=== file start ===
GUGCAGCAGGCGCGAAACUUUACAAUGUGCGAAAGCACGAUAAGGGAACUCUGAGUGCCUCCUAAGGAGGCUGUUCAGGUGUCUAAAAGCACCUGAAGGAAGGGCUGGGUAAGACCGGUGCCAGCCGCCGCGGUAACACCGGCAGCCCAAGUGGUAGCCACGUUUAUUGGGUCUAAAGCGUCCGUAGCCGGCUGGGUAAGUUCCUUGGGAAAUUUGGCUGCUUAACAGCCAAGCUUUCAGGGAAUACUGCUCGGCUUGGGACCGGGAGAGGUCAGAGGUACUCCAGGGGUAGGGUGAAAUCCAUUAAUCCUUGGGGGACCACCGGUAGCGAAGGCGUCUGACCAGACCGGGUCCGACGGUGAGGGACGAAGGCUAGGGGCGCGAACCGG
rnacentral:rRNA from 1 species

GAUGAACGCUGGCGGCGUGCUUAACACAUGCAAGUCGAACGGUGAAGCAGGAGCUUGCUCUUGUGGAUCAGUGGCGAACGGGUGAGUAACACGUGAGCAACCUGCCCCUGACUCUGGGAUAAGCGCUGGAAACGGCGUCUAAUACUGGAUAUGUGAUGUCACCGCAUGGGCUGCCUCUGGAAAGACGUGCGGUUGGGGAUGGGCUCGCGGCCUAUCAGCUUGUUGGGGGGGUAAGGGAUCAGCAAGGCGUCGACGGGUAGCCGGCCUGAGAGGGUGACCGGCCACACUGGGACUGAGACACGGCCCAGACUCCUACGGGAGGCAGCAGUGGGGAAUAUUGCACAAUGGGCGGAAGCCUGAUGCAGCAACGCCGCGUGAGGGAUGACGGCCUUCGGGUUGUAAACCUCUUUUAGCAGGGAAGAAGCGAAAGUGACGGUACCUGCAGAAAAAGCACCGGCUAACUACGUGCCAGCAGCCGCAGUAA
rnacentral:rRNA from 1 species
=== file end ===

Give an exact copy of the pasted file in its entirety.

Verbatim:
GUGCAGCAGGCGCGAAACUUUACAAUGUGCGAAAGCACGAUAAGGGAACUCUGAGUGCCUCCUAAGGAGGCUGUUCAGGUGUCUAAAAGCACCUGAAGGAAGGGCUGGGUAAGACCGGUGCCAGCCGCCGCGGUAACACCGGCAGCCCAAGUGGUAGCCACGUUUAUUGGGUCUAAAGCGUCCGUAGCCGGCUGGGUAAGUUCCUUGGGAAAUUUGGCUGCUUAACAGCCAAGCUUUCAGGGAAUACUGCUCGGCUUGGGACCGGGAGAGGUCAGAGGUACUCCAGGGGUAGGGUGAAAUCCAUUAAUCCUUGGGGGACCACCGGUAGCGAAGGCGUCUGACCAGACCGGGUCCGACGGUGAGGGACGAAGGCUAGGGGCGCGAACCGG
rnacentral:rRNA from 1 species

GAUGAACGCUGGCGGCGUGCUUAACACAUGCAAGUCGAACGGUGAAGCAGGAGCUUGCUCUUGUGGAUCAGUGGCGAACGGGUGAGUAACACGUGAGCAACCUGCCCCUGACUCUGGGAUAAGCGCUGGAAACGGCGUCUAAUACUGGAUAUGUGAUGUCACCGCAUGGGCUGCCUCUGGAAAGACGUGCGGUUGGGGAUGGGCUCGCGGCCUAUCAGCUUGUUGGGGGGGUAAGGGAUCAGCAAGGCGUCGACGGGUAGCCGGCCUGAGAGGGUGACCGGCCACACUGGGACUGAGACACGGCCCAGACUCCUACGGGAGGCAGCAGUGGGGAAUAUUGCACAAUGGGCGGAAGCCUGAUGCAGCAACGCCGCGUGAGGGAUGACGGCCUUCGGGUUGUAAACCUCUUUUAGCAGGGAAGAAGCGAAAGUGACGGUACCUGCAGAAAAAGCACCGGCUAACUACGUGCCAGCAGCCGCAGUAA
rnacentral:rRNA from 1 species